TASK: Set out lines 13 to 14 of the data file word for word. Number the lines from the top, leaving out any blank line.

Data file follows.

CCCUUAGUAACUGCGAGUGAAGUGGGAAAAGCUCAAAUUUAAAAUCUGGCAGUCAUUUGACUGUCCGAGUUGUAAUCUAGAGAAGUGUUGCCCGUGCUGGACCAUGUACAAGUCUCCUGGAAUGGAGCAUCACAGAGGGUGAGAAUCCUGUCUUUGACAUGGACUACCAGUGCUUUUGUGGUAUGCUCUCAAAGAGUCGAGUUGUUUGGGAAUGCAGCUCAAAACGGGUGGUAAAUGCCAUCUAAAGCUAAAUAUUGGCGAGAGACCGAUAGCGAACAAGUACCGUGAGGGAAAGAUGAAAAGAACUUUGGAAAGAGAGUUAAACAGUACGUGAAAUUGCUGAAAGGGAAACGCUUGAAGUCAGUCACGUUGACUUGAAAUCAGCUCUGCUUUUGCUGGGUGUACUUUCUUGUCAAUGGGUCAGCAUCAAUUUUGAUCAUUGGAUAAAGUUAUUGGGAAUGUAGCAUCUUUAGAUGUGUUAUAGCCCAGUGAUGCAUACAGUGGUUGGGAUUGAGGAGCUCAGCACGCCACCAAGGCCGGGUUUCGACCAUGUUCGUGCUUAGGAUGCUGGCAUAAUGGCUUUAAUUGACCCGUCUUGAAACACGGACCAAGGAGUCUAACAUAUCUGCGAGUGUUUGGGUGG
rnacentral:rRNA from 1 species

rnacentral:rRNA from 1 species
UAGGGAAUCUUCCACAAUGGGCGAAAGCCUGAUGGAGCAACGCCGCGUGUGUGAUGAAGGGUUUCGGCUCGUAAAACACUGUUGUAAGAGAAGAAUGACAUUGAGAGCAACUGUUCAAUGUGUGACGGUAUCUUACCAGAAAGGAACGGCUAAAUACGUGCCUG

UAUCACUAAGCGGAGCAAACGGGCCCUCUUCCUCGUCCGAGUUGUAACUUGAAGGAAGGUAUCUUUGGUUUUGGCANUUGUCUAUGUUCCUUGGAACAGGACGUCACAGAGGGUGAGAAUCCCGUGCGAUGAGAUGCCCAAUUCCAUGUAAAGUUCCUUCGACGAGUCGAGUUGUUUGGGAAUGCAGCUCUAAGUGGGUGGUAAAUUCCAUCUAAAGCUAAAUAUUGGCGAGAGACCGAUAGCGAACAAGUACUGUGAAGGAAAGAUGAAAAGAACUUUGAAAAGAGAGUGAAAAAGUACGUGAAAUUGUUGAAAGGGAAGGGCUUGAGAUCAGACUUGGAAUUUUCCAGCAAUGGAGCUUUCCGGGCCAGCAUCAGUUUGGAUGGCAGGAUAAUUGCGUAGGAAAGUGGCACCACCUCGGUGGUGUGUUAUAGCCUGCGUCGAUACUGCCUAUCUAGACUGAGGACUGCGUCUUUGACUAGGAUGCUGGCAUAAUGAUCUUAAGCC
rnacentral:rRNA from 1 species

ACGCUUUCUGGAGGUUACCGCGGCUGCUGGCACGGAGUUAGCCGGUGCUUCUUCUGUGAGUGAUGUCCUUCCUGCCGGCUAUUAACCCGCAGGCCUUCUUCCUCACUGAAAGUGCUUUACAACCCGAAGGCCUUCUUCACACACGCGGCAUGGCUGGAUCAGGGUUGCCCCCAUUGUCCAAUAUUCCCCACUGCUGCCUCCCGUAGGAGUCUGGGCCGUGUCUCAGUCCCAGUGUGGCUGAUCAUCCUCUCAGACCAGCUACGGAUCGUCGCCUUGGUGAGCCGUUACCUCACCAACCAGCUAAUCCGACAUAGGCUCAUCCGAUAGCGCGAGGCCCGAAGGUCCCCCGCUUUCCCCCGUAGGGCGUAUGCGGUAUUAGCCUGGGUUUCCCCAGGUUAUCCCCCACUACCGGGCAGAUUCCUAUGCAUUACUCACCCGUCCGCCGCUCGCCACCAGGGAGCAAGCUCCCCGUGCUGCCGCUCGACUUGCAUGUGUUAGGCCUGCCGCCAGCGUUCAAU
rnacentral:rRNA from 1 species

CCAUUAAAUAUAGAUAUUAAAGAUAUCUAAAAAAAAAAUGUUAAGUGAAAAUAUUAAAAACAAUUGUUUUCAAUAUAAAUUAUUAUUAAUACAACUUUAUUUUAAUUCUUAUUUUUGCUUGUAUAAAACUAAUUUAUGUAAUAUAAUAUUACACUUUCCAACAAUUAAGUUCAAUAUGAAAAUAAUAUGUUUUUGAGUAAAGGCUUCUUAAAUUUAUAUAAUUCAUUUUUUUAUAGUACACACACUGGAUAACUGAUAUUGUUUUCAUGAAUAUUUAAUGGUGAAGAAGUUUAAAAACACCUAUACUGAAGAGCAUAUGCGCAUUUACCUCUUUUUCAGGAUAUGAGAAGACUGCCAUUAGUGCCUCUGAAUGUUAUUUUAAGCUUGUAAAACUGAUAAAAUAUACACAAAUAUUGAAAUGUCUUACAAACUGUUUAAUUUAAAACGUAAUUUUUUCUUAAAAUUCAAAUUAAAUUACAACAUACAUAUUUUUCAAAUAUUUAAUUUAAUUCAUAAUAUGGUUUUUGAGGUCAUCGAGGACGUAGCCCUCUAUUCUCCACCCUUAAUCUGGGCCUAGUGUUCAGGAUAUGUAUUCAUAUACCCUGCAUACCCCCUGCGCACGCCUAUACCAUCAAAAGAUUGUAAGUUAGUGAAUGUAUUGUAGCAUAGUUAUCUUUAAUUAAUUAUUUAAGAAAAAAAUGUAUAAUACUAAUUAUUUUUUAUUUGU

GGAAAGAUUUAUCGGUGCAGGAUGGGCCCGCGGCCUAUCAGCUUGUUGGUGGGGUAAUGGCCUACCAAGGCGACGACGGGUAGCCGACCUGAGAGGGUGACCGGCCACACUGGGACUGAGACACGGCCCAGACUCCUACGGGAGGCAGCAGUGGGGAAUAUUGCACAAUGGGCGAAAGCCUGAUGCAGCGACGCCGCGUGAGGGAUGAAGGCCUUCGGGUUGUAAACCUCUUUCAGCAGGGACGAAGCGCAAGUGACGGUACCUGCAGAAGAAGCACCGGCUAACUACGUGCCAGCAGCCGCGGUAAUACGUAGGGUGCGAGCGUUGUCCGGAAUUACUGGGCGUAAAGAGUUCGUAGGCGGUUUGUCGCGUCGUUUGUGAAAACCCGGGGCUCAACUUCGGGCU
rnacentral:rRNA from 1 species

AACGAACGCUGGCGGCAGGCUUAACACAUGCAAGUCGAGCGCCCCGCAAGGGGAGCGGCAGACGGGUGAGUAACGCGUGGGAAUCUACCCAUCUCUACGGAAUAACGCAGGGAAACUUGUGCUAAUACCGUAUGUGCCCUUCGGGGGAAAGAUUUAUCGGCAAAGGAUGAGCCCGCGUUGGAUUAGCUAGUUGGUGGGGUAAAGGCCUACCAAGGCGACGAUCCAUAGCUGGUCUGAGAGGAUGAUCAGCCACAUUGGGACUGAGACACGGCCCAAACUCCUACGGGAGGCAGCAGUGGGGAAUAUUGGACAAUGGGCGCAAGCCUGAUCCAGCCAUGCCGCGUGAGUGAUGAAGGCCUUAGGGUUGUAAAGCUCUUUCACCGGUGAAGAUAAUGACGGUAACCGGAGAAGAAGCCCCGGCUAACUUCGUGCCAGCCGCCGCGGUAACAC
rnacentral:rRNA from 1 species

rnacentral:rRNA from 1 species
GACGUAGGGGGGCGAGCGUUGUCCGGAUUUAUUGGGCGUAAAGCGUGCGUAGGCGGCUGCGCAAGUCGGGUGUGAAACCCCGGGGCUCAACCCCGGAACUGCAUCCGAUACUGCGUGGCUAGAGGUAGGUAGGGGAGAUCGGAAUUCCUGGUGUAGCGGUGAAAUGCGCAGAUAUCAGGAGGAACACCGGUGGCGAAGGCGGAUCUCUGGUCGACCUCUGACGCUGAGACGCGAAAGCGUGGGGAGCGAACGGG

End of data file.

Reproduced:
rnacentral:rRNA from 1 species

rnacentral:rRNA from 1 species